In-depth resources for understanding Bitcoin and cryptocurrency
We've put together a collection of great articles to help explain Bitcoin and other cryptocurrencies in a way that anyone can understand. Whether you're looking to learn about cryptocurrency before deciding which one to invest in, or you just want to brush up on your crypto slang, diving into the resources below will put you on the path to a better understanding of crypto so you can take the reigns on your financial future.
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Bitcoin is an invention that, for the first time in history, enabled a group of software users to create and manage a digital money supply outside the control of any government or bank.
A revolutionary idea when introduced in 2009, Bitcoin continues to have implications that are just beginning to be understood and explored by technologists and economists today.
Bitcoin is an invention that, for the first time in history, enabled a group of software users to create and manage a digital money supply outside the control of any government or bank. Read more here about Bitcoin.
A blockchain is a decentralized, distributed, and oftentimes public, digital ledger consisting of records called blocks that is used to record transactions across many computers so that any involved block cannot be altered retroactively, without the alteration of all subsequent blocks.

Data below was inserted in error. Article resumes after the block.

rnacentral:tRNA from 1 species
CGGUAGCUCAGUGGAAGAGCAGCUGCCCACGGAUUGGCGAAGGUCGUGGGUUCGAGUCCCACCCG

A transaction is a transfer of value between Bitcoin wallets that gets included in the block chain. Bitcoin wallets keep a secret piece of data called a private key or seed, which is used to sign transactions, providing a mathematical proof that they have come from the owner of the wallet. The signature also prevents the transaction from being altered by anybody once it has been issued. All transactions are broadcast to the network and usually begin to be confirmed within 10-20 minutes, through a process called mining.
Bitcoin mining is the process of making computer hardware do mathematical calculations for the Bitcoin network to confirm transactions and increase security. As a reward for their services, Bitcoin miners can collect transaction fees for the transactions they confirm, along with newly created bitcoins. Mining is a specialized and competitive market where the rewards are divided up according to how much calculation is done. Not all Bitcoin users do Bitcoin mining, and it is not an easy way to make money.
As of February 2020, Bitcoin was legal in the U.S., Japan, the U.K., Canada, and most other developed countries. In the emerging markets, the legal status of Bitcoin still varied dramatically. China heavily restricted Bitcoin without actually criminalizing the holding of bitcoins. India banned banks from dealing in bitcoins and left the overall legal status of cryptocurrencies unclear. In general, it is necessary to look at Bitcoin laws in specific countries.
Even where Bitcoin is legal, most of the laws that apply to other assets also apply to Bitcoin. Tax laws are the area where most people are likely to run into trouble. For tax purposes, bitcoins are usually treated as property rather than currency. Bitcoin is generally not considered legal tender.